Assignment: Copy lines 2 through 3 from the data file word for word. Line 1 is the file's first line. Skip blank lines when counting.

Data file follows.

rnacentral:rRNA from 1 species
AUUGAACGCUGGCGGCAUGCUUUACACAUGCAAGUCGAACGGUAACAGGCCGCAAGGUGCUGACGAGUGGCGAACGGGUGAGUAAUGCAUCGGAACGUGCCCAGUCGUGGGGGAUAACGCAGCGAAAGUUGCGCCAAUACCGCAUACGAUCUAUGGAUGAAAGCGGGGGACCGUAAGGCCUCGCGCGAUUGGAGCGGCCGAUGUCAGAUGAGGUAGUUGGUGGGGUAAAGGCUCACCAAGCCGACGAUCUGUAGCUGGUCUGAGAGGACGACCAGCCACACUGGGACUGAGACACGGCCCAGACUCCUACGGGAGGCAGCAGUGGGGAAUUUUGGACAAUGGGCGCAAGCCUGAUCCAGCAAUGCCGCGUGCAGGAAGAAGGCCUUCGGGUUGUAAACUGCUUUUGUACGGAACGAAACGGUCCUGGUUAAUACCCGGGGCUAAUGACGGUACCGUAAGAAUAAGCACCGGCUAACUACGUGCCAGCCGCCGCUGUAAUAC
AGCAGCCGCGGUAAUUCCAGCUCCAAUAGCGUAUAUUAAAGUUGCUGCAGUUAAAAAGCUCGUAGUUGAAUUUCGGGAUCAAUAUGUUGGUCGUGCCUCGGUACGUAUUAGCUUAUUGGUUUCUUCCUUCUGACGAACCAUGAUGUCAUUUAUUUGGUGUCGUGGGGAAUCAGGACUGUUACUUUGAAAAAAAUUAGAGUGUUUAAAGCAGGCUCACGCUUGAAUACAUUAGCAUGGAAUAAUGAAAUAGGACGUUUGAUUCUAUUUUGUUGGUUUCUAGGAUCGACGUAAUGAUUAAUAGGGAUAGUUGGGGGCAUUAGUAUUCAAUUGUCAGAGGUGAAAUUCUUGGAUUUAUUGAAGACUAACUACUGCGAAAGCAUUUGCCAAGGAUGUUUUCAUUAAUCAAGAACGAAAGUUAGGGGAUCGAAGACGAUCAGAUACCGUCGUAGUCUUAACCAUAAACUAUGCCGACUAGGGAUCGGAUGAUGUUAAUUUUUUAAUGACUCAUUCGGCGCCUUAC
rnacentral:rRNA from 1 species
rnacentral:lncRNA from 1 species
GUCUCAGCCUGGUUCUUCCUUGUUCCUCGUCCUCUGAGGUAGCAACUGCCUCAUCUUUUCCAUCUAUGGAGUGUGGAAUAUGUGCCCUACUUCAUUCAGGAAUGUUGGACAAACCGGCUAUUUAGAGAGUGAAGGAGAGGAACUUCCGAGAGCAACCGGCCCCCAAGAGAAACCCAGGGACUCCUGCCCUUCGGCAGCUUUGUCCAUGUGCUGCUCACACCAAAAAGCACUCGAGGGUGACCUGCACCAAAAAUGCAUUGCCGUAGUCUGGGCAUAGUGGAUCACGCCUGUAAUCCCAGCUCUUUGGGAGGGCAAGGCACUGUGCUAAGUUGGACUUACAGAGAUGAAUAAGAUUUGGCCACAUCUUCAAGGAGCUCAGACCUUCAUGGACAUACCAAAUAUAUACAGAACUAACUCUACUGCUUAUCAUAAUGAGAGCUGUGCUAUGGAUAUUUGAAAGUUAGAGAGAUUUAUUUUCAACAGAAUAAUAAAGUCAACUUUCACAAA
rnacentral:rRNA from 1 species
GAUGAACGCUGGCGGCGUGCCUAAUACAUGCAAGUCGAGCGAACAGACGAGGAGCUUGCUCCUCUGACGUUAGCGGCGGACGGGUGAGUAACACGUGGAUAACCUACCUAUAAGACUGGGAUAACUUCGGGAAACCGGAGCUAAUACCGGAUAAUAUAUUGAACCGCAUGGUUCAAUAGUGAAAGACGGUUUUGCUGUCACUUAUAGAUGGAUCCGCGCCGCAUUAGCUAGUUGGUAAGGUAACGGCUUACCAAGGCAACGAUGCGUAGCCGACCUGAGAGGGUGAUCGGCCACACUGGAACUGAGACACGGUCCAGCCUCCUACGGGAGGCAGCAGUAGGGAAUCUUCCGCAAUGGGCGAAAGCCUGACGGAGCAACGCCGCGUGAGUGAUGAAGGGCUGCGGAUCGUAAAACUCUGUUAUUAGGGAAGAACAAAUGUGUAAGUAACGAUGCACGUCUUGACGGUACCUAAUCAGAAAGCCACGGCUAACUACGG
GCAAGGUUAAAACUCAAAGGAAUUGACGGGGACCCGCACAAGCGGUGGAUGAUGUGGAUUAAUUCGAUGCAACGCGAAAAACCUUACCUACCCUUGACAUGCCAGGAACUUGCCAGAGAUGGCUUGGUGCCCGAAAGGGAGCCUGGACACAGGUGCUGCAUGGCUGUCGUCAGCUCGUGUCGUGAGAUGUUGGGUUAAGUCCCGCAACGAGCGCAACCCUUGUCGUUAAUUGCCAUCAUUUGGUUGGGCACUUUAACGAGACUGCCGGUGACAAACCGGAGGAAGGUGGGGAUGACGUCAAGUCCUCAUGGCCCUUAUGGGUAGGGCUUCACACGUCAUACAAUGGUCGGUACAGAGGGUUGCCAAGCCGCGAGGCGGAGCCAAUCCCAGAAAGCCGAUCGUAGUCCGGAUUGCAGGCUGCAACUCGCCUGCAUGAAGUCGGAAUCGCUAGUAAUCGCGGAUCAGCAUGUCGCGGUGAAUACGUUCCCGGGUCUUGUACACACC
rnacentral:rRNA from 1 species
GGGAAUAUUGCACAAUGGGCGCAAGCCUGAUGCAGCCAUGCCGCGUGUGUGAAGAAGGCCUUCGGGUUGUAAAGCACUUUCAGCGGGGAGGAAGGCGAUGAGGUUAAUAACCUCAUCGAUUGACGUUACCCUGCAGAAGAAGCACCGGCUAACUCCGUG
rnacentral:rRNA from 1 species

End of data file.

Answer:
AUUGAACGCUGGCGGCAUGCUUUACACAUGCAAGUCGAACGGUAACAGGCCGCAAGGUGCUGACGAGUGGCGAACGGGUGAGUAAUGCAUCGGAACGUGCCCAGUCGUGGGGGAUAACGCAGCGAAAGUUGCGCCAAUACCGCAUACGAUCUAUGGAUGAAAGCGGGGGACCGUAAGGCCUCGCGCGAUUGGAGCGGCCGAUGUCAGAUGAGGUAGUUGGUGGGGUAAAGGCUCACCAAGCCGACGAUCUGUAGCUGGUCUGAGAGGACGACCAGCCACACUGGGACUGAGACACGGCCCAGACUCCUACGGGAGGCAGCAGUGGGGAAUUUUGGACAAUGGGCGCAAGCCUGAUCCAGCAAUGCCGCGUGCAGGAAGAAGGCCUUCGGGUUGUAAACUGCUUUUGUACGGAACGAAACGGUCCUGGUUAAUACCCGGGGCUAAUGACGGUACCGUAAGAAUAAGCACCGGCUAACUACGUGCCAGCCGCCGCUGUAAUAC
AGCAGCCGCGGUAAUUCCAGCUCCAAUAGCGUAUAUUAAAGUUGCUGCAGUUAAAAAGCUCGUAGUUGAAUUUCGGGAUCAAUAUGUUGGUCGUGCCUCGGUACGUAUUAGCUUAUUGGUUUCUUCCUUCUGACGAACCAUGAUGUCAUUUAUUUGGUGUCGUGGGGAAUCAGGACUGUUACUUUGAAAAAAAUUAGAGUGUUUAAAGCAGGCUCACGCUUGAAUACAUUAGCAUGGAAUAAUGAAAUAGGACGUUUGAUUCUAUUUUGUUGGUUUCUAGGAUCGACGUAAUGAUUAAUAGGGAUAGUUGGGGGCAUUAGUAUUCAAUUGUCAGAGGUGAAAUUCUUGGAUUUAUUGAAGACUAACUACUGCGAAAGCAUUUGCCAAGGAUGUUUUCAUUAAUCAAGAACGAAAGUUAGGGGAUCGAAGACGAUCAGAUACCGUCGUAGUCUUAACCAUAAACUAUGCCGACUAGGGAUCGGAUGAUGUUAAUUUUUUAAUGACUCAUUCGGCGCCUUAC